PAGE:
Futurism was an artistic movement centered in Italy that emphasized the dynamism, speed, energy, and power of the machine, and the vitality, change, and restlessness of modern life.
Although Facsimile Finder does not typically highlight facsimiles of modern works, we are excited to present you with these stunning facsimiles of books and artworks documenting art and poetry from the Futurism movement, an early twentieth century Italian art movement that aimed to capture the modern world’s dynamism and energy through art.
We find that promoting these is a small pleasurable detour from what we typically offer!
WHAT IS FUTURISM?
- Futurism was first announced on February 20, 1909, when the Paris newspaper Le Figaro published a manifesto by the Italian poet and editor Filippo Tommaso Marinetti.
- It was an artistic movement centered in Italy that emphasized the dynamism, speed, energy, and power of the machine, and the vitality, change, and restlessness of modern life.
- Marinetti coined the word Futurism to reflect his goal of discarding inherited artistic traditions and celebrating innovation in culture and society.
Futurist painters wanted to depict visually the perception of movement, speed, and change. They adopted Cubist techniques and rhythmic spatial repetitions of an object’s outlines while moving.
During the second decade of the 20th century, the movement’s influence radiated outward across most of Europe, most significantly to the Russian avant-garde. The most-significant results of the movement were in the visual arts and poetry.
THE POEM OF SANSEPOLCRISTI
by Filippo Tommaso Marinetti with illustrations by Thayaht and Enrico Prampolini.
This set contains a free metal interpretation of the third Litolatta poem by Domenico Cammarota and Simone Pasquali, meantcelebrate the assembly of San Sepolcro in Milan on March 23, 1919, where the Italian “Fasci di combattimento” political party was founded under the direction of Benito Mussolini.
Excerpt from Domenico Cammarota’s text:
“All collectors of rare bibliographic finds from the 1900s know – at least by reputation – the two famous Futurist litolatte: the” Words in Freedom Olfactory Tactile-Thermal “by FT Marinetti (November 4, 1932), illustrated by Tullio D’Albisola, and “L’Anguria lirica (long passionate poem)” by Tullio D’Albisola himself (August 1934), illustrated by Bruno Munari.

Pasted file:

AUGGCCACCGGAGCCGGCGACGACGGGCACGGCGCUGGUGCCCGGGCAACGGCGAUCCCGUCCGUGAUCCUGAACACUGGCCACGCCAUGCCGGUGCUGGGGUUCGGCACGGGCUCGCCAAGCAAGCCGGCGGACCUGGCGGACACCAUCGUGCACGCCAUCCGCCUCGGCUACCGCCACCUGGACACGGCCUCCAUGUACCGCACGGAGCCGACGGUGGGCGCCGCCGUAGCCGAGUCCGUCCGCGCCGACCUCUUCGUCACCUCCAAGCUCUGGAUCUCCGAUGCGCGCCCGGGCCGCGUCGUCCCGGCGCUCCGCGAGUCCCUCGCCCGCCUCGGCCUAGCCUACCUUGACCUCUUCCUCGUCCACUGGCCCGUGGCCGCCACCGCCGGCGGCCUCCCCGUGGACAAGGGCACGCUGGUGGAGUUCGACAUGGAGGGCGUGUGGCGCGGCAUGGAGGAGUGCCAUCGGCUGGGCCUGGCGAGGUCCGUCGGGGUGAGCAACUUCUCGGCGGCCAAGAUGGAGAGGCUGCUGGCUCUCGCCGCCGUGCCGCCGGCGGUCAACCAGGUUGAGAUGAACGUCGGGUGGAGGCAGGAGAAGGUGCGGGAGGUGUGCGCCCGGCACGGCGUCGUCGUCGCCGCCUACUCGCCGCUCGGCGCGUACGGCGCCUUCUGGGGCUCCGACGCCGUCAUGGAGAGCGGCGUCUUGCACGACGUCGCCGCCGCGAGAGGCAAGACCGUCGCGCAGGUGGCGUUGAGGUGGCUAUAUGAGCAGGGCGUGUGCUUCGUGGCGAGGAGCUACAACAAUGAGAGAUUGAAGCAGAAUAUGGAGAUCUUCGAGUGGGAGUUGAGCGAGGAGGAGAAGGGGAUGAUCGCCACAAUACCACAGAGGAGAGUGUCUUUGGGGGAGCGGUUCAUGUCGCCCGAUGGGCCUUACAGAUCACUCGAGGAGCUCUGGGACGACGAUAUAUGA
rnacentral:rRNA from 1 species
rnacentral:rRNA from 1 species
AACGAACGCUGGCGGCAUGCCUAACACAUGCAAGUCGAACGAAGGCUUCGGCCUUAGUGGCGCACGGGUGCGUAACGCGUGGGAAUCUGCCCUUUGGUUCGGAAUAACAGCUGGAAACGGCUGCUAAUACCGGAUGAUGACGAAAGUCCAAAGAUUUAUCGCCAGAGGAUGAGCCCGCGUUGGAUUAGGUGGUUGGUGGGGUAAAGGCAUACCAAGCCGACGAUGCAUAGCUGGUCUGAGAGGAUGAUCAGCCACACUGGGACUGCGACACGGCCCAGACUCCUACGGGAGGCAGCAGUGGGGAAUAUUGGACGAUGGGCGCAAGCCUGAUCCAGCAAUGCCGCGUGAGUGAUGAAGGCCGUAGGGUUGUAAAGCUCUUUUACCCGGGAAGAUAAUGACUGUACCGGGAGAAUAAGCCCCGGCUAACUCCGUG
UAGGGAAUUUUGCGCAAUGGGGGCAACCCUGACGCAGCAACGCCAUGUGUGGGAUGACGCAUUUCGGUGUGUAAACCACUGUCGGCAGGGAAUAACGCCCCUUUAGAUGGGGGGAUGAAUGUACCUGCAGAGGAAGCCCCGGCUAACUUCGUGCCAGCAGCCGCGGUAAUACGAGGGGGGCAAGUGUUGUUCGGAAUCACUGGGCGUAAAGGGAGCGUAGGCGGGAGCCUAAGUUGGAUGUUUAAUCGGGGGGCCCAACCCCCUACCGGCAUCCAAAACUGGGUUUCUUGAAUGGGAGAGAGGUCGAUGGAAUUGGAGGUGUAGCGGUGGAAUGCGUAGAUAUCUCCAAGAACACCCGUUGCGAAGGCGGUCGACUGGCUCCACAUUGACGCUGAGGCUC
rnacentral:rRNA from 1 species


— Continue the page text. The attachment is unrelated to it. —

Only a few specialists on the subject, however, remember that at the time a third work was also planned and put in place poetics in litholact, destined to be printed again by the tinsmith industry of Vincenzo Nosenzo in Zinola; the title of this work in progress was “I Sansepolcristi”, a synthetic and free word aeropoem by Marinetti, dedicated to the lyrical exaltation of the sadly famous Gathering of Piazza San Sepolcro (1919), founding of the origins of fascism, in which numerous daring and futurists from all regions of Italy participated.
Interlinked letters between the protagonists of this forgotten project (collected by Danilo Presotto in the “Notebook of Tullio D’Albisola” vol. 3, Savona, Editrice Liguria, 1981), today we can follow step by step the compositional process of this “mysterious” third work in litholact”.
ALPHABET AEROMUSICS IN FREEDOM
By Tullio Crali
Provocative, grandiloquent, disruptive, written, and oral, “parole in libertà” (“words-in-freedom“) was a poetic art form created by Futurism’s founder, Filippo Tommaso Marinetti. He combined poetic elements with features characteristic of prose narratives and freely deployed sound, especially onomatopoeia (that is, words that sound in some way similar to the objects or events to which they refer), along with the unconventional use of fonts and characters and other typographic effects. Employing extremely simplified syntax, Marinetti shifts from one idea or image to another, and uses unorthodox and sparse punctuation.
Excerpt from Domenico Cammarota’s text:
“Aeromusiche d’Alfabeto in Libertà is packaged in a volume containing the parolibere tables (“Tavole parolibere futuriste”) painted with brush and tempera colors by Marinetti, Crali, and Raoul Cenisi. The only copy is donated to Marinetti, who unfortunately will not be able to get it published in time from Edizioni ERRE. […]